Human Rights and Investment Part II

The exemption provisions deal with, among other things, morality , environmental considerations and national security. In the childhood of the Norwegian oil industry, Norway demanded that the oil companies use Norwegian suppliers. Undoubtedly, it was a great help for the emergence of today’s thriving Norwegian oil industry and new jobs in Norway.

4: Political stability and security of investment

Most companies will be wary of investing heavily in countries where there is a high risk that war or conflict may complicate production. Here, too, there are significant differences between different sectors. Oil production requires extensive investments and involves great risk. However, extracting diamonds from rivers and lakes or other minerals that are readily available requires less.

According to BEHEALTHYBYTOMORROW, the World Bank has its own lending business, MIGA ( Multilateral Investment Guarantee Agency ). This insures investments against losses due to violent currency fluctuations (weak currencies can in a short time lose tens of percent against the dollar), war, terrorist acts, political and social unrest, as well as default on government debt obligations.

In addition, there are a number of opportunities to sue a host country if a company believes that a state intervention represents an expropriation – a state takeover. Among other things, environmental regulations have been found to constitute an expropriation. Companies have claimed that environmental regulation has reduced their future profits.

In the case of investment disputes (conflict, disagreement, fig. 3), separate tribunals can be established to resolve a dispute. Most often, a body under the World Bank is used to establish such tribunals, but also a body under UNCTAD (UN Committee on Trade and Development) has adopted rules for how tribunals are to be established – and how they are to operate.

Such tribunals for dispute resolution are based on so-called investment agreements between two or more states. There are over 3100 such investment agreements, and most were entered into in the 1990s. It is not necessary that the dispute has been before national courts first. It is, so to speak, only companies that sue states . Nevertheless, it is the states that have prevailed in most disputes that have so far been settled.

Many recent investment agreements allow for regulation to protect public welfare and health . Other investment agreements provide companies with full protection and security for their investments, which is ensured through so-called ” stabilization clauses “. This means that new laws and regulations will not apply to the companies. These investment agreements go a long way in providing concessions and relief to the companies – they thus avoid obligations since the states go further than far to attract new establishments. The number of investment disputes is far greater in the last decade than in the previous decade (Fig. 3).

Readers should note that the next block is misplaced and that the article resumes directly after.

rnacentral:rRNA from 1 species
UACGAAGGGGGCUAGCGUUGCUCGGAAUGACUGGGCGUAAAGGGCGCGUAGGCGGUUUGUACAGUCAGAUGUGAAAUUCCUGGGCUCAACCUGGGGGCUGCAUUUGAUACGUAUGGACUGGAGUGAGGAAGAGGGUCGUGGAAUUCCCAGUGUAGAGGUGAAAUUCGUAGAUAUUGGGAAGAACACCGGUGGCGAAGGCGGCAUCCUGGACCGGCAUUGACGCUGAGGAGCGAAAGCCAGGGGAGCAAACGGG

5: Poor working and environmental conditions, low wage level

For some investments and especially in some industries characterized by relatively labor-intensive (use of many workers) production, low standards (ie poor working conditions), weak law enforcement and low wage levels play a role in the decision to invest. Thus, investors / companies save costs and can be stronger in the competition in the market – in sum: increase profits.

Among other things, the production of textiles and shoes can be quickly moved from one country to another. This can especially happen if the wage level in a host country has increased sharply in a short time and thus reduced profits a lot. When states compete to attract investment from outside, what is often referred to as a ” race to the bottom ” arises . States undercut each other.

It is possible to point out three main explanations for the fact that investments in labor-intensive industry have different consequences for human rights in different countries: Individual, institutional and structural:

Individual explanations say that different attitudes at management level result in different corporate behavior. For example, companies headquartered in the West must take into account a weakened reputation and a possible consumer boycott if a company is found to exploit its employees. This threat is not as real for companies headquartered in Asia, but this does not mean that Indians and Chinese are not concerned about human rights.

The main explanation for weaker human rights standards is often found in institutional conditions , such as weak trade unions and weak law enforcement, and in structural conditions , such as the fact that there are many competing for work. Thus, there will always be someone who will accept worse conditions.

Human Rights and Investment 2

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